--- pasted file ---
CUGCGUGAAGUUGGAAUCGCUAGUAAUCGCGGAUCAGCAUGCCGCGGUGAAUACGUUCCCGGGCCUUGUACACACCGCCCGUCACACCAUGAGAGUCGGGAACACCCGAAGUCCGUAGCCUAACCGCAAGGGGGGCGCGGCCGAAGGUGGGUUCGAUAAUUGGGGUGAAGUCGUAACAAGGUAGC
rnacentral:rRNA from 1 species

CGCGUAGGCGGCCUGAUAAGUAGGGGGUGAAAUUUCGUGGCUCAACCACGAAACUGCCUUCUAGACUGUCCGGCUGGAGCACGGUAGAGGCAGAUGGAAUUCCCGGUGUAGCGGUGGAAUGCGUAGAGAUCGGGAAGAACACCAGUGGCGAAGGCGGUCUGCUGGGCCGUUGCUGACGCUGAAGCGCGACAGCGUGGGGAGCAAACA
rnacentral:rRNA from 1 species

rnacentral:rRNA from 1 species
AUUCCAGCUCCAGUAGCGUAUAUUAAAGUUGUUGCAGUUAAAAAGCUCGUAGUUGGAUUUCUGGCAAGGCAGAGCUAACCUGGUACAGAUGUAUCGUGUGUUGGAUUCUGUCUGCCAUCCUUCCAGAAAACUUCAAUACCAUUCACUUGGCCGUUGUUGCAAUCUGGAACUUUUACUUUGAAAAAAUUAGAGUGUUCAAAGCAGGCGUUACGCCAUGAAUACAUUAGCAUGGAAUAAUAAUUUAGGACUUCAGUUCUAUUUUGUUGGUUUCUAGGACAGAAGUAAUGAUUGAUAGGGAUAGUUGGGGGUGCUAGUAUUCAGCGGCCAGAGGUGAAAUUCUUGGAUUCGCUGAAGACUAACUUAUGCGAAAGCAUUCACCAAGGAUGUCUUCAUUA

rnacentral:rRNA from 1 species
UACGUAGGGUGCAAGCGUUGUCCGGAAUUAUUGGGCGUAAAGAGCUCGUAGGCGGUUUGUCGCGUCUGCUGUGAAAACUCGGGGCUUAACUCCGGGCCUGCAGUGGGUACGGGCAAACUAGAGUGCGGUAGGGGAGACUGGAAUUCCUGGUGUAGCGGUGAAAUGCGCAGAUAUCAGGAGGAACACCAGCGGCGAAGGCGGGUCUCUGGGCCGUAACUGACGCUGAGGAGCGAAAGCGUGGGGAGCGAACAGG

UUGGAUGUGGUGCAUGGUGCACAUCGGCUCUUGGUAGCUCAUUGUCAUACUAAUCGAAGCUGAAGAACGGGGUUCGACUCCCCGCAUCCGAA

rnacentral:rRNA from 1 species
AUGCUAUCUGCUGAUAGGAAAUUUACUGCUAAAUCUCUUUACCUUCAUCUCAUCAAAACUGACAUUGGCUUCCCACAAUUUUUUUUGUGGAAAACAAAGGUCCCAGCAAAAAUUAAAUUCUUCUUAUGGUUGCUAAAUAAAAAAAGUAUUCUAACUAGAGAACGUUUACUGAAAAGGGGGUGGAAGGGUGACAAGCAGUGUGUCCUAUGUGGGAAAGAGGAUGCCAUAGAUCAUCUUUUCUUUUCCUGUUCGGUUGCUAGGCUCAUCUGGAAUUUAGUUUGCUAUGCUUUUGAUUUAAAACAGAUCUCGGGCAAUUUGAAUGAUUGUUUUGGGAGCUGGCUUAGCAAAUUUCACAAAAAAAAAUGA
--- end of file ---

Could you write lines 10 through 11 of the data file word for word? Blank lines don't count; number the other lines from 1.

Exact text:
rnacentral:rRNA from 1 species
AUGCUAUCUGCUGAUAGGAAAUUUACUGCUAAAUCUCUUUACCUUCAUCUCAUCAAAACUGACAUUGGCUUCCCACAAUUUUUUUUGUGGAAAACAAAGGUCCCAGCAAAAAUUAAAUUCUUCUUAUGGUUGCUAAAUAAAAAAAGUAUUCUAACUAGAGAACGUUUACUGAAAAGGGGGUGGAAGGGUGACAAGCAGUGUGUCCUAUGUGGGAAAGAGGAUGCCAUAGAUCAUCUUUUCUUUUCCUGUUCGGUUGCUAGGCUCAUCUGGAAUUUAGUUUGCUAUGCUUUUGAUUUAAAACAGAUCUCGGGCAAUUUGAAUGAUUGUUUUGGGAGCUGGCUUAGCAAAUUUCACAAAAAAAAAUGA